Being a spreadsheet, this utility provides for filtering options. For instance, if the reader wishes to view the effect of the MLI on India’s treaty with Austria, a filter on ‘India’s Treaty Partner’ (Column C) for Austria will through up the result within a second. Or, if the reader is interested in the result of how the provisions in Austria’s treaty relating to dual resident entities is impacted, an additional filter on ‘MLI-Article’(Column A) will give the result. A combination of filters could be used to mine the data contained in the spreadsheet.

The modified text is colour-coded to make it reader-friendly. The existing text in a CTA which gets replaced is denoted through strike-through while the new text introduced by the MLI is shown in blue italics bold font. The MLI Article is referred to as “MLI-A” while a CTA Article is referred to as “Art.”

Of course, the modified text suggested here is only a plausible view, and the provisions could be interpreted differently. The Referencer helps in drawing much-needed attention to such varied interpretations over the several provisions of India’s treaty network. We are happy to receive feedback on the same.

This project is a continuing one as several of the signatory countries are yet to deposit their final positions. There are several of India’s treaty partners who are yet to sign the MLI. The data in the spreadsheet shall be updated periodically.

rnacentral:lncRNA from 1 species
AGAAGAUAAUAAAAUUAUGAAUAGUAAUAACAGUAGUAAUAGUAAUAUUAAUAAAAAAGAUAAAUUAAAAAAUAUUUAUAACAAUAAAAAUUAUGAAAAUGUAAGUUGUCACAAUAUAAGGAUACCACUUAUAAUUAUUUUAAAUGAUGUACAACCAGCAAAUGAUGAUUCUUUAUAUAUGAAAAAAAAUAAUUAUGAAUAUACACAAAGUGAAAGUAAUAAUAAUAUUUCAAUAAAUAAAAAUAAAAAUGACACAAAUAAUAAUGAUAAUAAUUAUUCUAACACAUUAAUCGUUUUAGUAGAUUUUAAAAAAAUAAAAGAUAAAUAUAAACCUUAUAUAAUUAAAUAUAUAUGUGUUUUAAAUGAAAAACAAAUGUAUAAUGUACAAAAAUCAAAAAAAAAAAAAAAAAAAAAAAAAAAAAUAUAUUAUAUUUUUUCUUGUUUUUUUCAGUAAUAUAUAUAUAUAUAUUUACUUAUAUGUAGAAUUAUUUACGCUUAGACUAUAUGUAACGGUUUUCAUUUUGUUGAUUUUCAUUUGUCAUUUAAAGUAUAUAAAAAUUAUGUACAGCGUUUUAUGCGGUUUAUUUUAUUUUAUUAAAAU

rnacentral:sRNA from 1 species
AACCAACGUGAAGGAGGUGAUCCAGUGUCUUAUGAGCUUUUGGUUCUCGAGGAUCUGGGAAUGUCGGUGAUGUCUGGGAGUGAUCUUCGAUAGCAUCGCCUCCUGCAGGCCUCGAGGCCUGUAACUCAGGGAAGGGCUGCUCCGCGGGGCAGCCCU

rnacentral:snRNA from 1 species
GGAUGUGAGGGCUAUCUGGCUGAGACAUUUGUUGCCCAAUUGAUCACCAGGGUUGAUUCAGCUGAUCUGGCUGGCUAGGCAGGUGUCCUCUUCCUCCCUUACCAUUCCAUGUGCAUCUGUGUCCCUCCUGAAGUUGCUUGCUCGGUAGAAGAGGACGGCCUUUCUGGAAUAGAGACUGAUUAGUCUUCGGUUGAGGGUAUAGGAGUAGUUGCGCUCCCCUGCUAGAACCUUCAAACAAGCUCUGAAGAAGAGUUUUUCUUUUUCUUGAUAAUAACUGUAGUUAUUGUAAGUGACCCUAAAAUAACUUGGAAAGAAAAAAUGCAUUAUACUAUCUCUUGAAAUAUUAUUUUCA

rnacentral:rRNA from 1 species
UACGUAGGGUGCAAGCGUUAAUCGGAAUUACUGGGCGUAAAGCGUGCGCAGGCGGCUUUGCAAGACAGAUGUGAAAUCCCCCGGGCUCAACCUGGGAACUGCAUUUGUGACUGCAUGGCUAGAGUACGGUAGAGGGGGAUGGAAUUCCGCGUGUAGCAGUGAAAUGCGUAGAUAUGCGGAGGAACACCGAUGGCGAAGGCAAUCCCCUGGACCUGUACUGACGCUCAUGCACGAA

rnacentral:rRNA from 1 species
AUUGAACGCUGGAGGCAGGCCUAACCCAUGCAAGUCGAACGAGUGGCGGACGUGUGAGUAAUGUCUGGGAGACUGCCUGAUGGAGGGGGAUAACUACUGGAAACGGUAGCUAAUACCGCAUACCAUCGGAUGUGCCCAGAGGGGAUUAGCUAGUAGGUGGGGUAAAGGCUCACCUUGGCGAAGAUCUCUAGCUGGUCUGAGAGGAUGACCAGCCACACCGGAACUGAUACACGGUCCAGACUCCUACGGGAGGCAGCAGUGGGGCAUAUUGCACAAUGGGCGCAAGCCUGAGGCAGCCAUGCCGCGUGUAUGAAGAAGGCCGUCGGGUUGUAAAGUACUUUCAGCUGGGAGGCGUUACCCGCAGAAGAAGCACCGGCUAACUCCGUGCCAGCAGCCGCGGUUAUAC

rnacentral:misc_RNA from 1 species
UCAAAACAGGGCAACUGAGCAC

Notification No. 57/2019 dated 9-8-2019

MLI Treaty Document and India Position

India’s Treaty Partners – MLI Status

  Abbreviations/Legends   Description

  Article in the Double Tax Avoidance Agreement

  (Referred to in the OECD Matching Database as ‘A.’ )

  CA   Competent authority
  CJ   Contracting jurisdiction
  CS   Contracting states
  CTA   Covered Tax Agreement
  MAP   Mutual Agreement Procedure
 MLI-A.   MLI Article
  P&A   Preparatory or auxiliary (in the context of provisions relating to specific activity exemption dealt with by MLI-A. 13)
  PE   Permanent establishment
  Pr.   Protocol
  Words in strike through   Existing text of a CTA provision which is omitted
  Words in blue and bold fonts   New text while reading a CTA provision as modified by the MLI


This work has been carefully compiled, but no representation is made, or warranty is given (either express or implied) as to the completeness or accuracy of the information it contains. The author nor the Society is liable for the information in this work or any decision or consequence based on the use of it. The author will not be liable for any direct or consequential damages arising from the use of the information contained in this work. The information contained in this work is not intended to be advice on any particular matter. No subscriber or other reader should act based on any matter contained in this work without considering appropriate professional advice. Links to third-party websites, if any, are provided by the author in good faith and are for information only. The author disclaims any responsibility for the materials contained in any other site referenced in this work. The opinions and views expressed in this publication are those of the author. The Society does not necessarily concur with the same. No part of this publication may be reproduced or transmitted in any form or by any means without the permission in writing from the Bombay Chartered Accountants’ Society.